If you try to "nest" repeats with multiple jumps the score becomes utterly confusing for both composer and musician. It becomes impossible to distinguish between multiple Segnos and Codas. If you try to make jumped repeats with several endings things get even more confusing, In contrast, tagged segment repeats offers total freedom of repeats with no ambiguities and no confusions.

Once you wrote and tagged segments A and B and endings E1 E2 you can write a "playlist" A E1 A E2 A B E1 B E2 for example. This dramatically shortens the score and eliminates all timeline confusions.

Tagged segments can be highlighted so that it becomes obvious for musician what to do. Let's try to admit that it is 21st century....

In reply to by

I'm not sure what triggered this response. No-one here argued that it wouldn't be useful, most even voiced their support for such a feature.

All I stated was that its not a trivial change to the codebase to make this happen, so don't expect it very soon unless some developer is passionate enough about it to contribute this.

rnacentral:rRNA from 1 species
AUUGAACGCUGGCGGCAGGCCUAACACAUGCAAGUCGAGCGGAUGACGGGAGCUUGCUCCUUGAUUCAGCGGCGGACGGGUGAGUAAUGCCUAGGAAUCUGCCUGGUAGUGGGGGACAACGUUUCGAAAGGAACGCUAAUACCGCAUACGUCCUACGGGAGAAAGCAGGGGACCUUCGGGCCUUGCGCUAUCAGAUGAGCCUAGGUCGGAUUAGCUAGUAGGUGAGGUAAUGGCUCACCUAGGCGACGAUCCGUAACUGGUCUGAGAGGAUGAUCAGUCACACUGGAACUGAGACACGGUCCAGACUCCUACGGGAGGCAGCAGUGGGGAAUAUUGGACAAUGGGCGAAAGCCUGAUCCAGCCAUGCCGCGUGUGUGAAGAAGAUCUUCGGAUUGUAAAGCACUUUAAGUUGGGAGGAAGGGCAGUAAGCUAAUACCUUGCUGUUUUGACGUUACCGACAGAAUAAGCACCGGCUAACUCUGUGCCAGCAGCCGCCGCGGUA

Similarly I showed you a fairly doable workaround that'll function as you expected and you'll be able to use in the next release; which is expected in a matter of weeks. You're entirely free to use or not use this workaround as you see fit.

In reply to by jeetee

Thank you for the upcoming workaround.
I still think that the existing repeat system is the most awkward and confusing part of the standard notation.

As a computer programmer since 1975 I suspect that the current repeat system creates many programming/communication headaches and involves lengthy debugging simply because the rules are confusing to begin with. A simple tagged repeat solution is a simplification from the programming point of view, not a complication. Just try to mention it to any software developer.

I apologise for any inadequacy of my responses... Tom

In reply to by

As I stated before, I am in favor of musescore eventually being able to express repeats according to a tag-like system. (The tags could even just be rehearsal mark names). As that is how much communication is done in pop world (and even jazz) where musicians will express charts about playing particular sections a certain number of times and in a certain order, instead of communicating with DSes. But one of the difficulties will be making sure such a system works nicely with the legacy DS system. And also figuring out precise meanings of what consitutes a tagged section. Like if there are repeats in the tagged section, possibly even with voltas of their own, or if user puts tags in wierd places like inside of a volta, then things can get just a bit tricky.